The other complexity for transfer beams is associated with the sheer mass of concrete which is required for their construction. This often catches construction planners off-guard as usually significantly more levels of propping are required to support the wet weight of concrete during construction.
This can delay fitout of lower levels and hold up the construction programme overall.
The propping requirement can be reduced if the transfer beam is constructed in stages. This requires that a horizontal construction joint (cold joint) be introduced at some point within the beams depth. (for a more in-depth discussion on construction joints in slabs and how to analyse them, take a look at THIS article).
By adopting this approach, the first lower half of the transfer beam is more manageable to back prop when it is poured due to its reduced thickness. When the concrete has set for the bottom half it then provides propping support for the wet concrete weight of the top half of the transfer beam.
The trade-off being that additional shear ligatures are required to ensure that the longitudinal shear interface between the two pours is adequately reinforced against shear failure. Incidentally, shear failure between construction joints was a primary reason why the FIU pedestrian bridge collapsed in Florida. Take a look at THIS article for a detailed look into the engineering numbers behind this catastrophic event.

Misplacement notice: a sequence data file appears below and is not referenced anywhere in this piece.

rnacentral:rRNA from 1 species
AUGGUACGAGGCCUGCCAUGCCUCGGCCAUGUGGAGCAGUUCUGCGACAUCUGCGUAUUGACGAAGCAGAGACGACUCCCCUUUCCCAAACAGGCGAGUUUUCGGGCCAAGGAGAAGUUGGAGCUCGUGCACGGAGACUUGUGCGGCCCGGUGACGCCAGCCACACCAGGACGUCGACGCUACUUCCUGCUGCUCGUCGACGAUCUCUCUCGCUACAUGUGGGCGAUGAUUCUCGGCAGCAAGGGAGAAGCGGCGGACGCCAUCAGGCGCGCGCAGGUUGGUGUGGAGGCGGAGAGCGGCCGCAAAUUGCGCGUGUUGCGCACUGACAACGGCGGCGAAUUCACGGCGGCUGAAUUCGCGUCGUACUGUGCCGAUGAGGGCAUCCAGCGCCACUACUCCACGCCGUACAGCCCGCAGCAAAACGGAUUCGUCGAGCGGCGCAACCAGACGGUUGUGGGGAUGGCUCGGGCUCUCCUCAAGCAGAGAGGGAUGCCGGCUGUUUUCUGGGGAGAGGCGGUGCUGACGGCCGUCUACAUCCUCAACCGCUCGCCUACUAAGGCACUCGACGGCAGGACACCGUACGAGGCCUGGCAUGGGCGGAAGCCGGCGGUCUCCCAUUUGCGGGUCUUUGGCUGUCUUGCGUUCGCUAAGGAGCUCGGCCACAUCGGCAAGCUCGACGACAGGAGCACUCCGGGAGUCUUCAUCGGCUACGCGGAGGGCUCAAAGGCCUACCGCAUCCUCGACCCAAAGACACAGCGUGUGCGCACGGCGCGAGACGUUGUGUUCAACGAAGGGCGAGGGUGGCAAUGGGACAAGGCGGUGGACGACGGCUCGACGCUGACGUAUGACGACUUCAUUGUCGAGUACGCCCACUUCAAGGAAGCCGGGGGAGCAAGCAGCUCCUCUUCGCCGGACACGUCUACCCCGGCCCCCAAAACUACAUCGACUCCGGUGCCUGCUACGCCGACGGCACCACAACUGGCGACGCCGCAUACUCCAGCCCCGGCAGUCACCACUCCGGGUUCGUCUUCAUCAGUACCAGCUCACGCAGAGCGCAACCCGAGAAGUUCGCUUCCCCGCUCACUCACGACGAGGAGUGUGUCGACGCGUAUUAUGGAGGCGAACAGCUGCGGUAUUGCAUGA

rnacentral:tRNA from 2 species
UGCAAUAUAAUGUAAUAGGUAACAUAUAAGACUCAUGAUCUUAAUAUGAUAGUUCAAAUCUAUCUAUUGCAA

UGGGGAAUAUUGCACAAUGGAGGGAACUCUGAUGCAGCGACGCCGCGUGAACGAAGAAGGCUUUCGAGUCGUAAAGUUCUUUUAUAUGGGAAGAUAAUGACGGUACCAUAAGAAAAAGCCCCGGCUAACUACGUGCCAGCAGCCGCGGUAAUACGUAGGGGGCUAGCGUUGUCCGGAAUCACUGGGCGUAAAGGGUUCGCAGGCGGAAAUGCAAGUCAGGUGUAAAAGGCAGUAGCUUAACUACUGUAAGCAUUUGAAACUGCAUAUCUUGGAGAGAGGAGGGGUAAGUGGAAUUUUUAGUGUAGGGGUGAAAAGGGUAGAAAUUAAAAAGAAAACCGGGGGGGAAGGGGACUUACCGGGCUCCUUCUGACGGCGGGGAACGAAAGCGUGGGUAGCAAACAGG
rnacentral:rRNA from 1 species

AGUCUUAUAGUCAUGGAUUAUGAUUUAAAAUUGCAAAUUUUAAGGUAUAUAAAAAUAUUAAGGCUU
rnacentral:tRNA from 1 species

There is possibly an alternative solution to the transfer beam. A more cost effective and efficient outcome for both construction and load path. That is the Walking Column. For a detailed article on what a walking column is and considerations you need to make for its design, take a look at THIS article.